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What Alternatives to First-Line Therapy for Depression Are Effective?

What Alternatives to First-Line Therapy for Depression Are Effective?

Depression is often a chronic illness that requires a methodical, long-term approach to manage it optimally. A single antidepressant trial is often insufficient for patients to achieve remission. Remission rates for selective serotonin reuptake inhibitors are about 30% to 35%. Using successive treatment steps with optimal medication dosing and making measurement-based treatment decisions can help patients achieve remission, but, at each step, remission is less likely than at the first step. Depression is considered treatment-resistant if 2 adequate trials of medication fail. Clinicians can use validated symptom checklists such as the 16-Item Quick Inventory of Depressive Symptomatology, 9-Item Patient Health Questionnaire, Global Assessment of Functioning, and Sheehan Disability Scale to identify patients with treatment-resistant depression. Treatment resistance is likely in patients with a history of depressive chronicity and concurrent psychiatric and medical disorders and may be mistakenly suspected in patients who have had an inadequate trial of medication or who have been misdiagnosed. Strategies that can be effective to combat treatment resistance include optimizing treatment, switching to another antidepressant, combining antidepressants, and augmenting antidepressants with nonantidepressant treatments such as buspirone, lithium, liothyronine, atypical antipsychotics, or other agents. In addition, clinicians need to cultivate strong therapeutic alliances with patients, use objective measurements, practice evidence-based medicine, and educate patients about the disease and its treatments.

(J Clin Psychiatry 2010;71[suppl 1]:10-15)

From the Department of Family Medicine, University of North Carolina, Chapel Hill, and the Moses Cone Family Practice Residency and private practice, Greensboro, North Carolina.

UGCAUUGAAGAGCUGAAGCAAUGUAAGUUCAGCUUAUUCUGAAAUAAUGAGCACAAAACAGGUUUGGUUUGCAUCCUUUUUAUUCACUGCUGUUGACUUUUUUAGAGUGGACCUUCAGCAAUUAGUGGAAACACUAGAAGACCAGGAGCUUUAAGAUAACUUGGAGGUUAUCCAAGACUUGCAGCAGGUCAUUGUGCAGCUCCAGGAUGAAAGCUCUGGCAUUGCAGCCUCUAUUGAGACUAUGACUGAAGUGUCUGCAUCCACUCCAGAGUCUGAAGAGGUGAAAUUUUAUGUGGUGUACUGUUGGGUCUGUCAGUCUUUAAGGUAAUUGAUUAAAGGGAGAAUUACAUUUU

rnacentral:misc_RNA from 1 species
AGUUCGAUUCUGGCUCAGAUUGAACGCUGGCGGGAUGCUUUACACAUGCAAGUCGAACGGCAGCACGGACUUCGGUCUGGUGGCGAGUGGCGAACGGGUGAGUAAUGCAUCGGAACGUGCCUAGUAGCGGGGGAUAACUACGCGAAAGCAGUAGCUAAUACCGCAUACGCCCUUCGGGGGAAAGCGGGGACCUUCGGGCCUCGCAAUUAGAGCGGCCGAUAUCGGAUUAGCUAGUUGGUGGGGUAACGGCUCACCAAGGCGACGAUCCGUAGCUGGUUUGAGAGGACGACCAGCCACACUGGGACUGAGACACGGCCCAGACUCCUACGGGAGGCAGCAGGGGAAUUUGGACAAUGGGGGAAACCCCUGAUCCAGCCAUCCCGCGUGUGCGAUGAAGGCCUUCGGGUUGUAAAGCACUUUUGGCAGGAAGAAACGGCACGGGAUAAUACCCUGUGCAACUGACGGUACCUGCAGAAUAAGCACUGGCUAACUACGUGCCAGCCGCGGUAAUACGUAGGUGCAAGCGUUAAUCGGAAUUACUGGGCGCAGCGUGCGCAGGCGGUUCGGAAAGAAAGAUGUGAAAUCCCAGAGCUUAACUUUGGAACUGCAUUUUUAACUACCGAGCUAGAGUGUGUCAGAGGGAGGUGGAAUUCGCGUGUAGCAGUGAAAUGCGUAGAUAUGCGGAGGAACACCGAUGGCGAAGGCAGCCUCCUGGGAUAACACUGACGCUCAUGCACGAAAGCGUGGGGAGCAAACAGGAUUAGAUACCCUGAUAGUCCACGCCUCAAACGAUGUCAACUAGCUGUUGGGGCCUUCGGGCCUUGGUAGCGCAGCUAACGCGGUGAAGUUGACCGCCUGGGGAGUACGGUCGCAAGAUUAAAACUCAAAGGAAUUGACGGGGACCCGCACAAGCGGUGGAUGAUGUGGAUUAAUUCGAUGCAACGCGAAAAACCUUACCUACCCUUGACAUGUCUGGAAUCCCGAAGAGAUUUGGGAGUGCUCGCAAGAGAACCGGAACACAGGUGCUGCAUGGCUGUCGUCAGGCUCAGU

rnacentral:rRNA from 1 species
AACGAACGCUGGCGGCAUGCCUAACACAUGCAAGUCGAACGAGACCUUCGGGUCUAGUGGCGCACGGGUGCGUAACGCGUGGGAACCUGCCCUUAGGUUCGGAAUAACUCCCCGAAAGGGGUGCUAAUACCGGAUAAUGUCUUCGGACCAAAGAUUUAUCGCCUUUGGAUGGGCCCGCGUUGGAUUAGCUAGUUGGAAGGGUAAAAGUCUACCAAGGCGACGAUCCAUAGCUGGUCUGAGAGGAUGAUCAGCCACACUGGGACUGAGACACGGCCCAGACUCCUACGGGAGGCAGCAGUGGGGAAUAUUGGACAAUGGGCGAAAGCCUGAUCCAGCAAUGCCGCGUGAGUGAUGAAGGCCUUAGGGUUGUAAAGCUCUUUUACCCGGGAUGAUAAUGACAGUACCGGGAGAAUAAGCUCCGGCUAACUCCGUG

This article is derived from the planning teleconference series "Looking Past First-Line Therapy for Major Depressive Disorder," which was held in January 2010 and supported by an educational grant from AstraZeneca.

Dr Manning is a consultant for and is a member of the speakers/advisory boards for Eli Lilly and AstraZeneca.

Corresponding author: J. Sloan Manning, MD, 4446 Ashton Oaks Ct, High Point, NC 27265 (sloanmanning@me.com).

Evidence from years of increasing antidepressant use has highlighted a reality about depression treatments that was generally unanticipated by primary care clinicians at the outset. Antidepressant medications do not work as well as originally believed, or else depression is much harder to treat than clinicians’ education on the topic led them to expect. Perhaps the reality is a combination of both of these factors.

Depression fits best into chronic illness models in terms of clinical approach, level of clinical challenge, and strength of therapeutic alliance and resources required for optimal management. Problems with treatment can result from both patient-related and physician-related factors. For example, patients may have health beliefs that negatively influence medication adherence and psychosocial contexts that do not support wellness. Clinicians may not approach diagnosis and treatment in a methodical, measurement-based, stepwise fashion because of limitations in medical education, practice setting, or mechanics.

For Clinical Use

  • Expect many patients with major depressive disorder to fail to achieve remission when treated with a single agent of adequate dose and duration.
  • Identify those patients whose depression is truly treatment-resistant.
  • To manage treatment-resistant depression, use alternative, evidence-based strategies such as drug switching, combination, and augmentation.

Remission rates for selective serotonin reuptake inhibitors (SSRIs) in clinical trials are about 30% to 35%. For instance, in the large Sequenced Treatment Alternatives to Relieve Depression (STAR*D) trial,1 optimally dosed citalopram monotherapy yielded a remission rate of about one-third in the initial treatment step, according to the 16-item Quick Inventory of Depression Symptomatology-Self-Report (QIDS-SR16). The STAR*D trial was unique in that it attempted to simulate real-life depression treatment outcomes in a broadly representative adult outpatient sample with nonpsychotic major depressive disorder (MDD) using successive acute treatment steps that incorporated optimized medication dosing and measurement-based treatment decisions.

Primary care physicians are often surprised to learn that most depressed patients exhibit at least some degree of treatment resistance (ie, failure to remit after 1 adequate antidepressant trial2). Many clinicians would be interested in proceeding with more advanced levels of intervention, despite the limitations of antidepressant efficacy, if they had access to sound and clear information on how to identify, assess, and care for the difficult-to-treat patient.

Identifying Treatment Resistance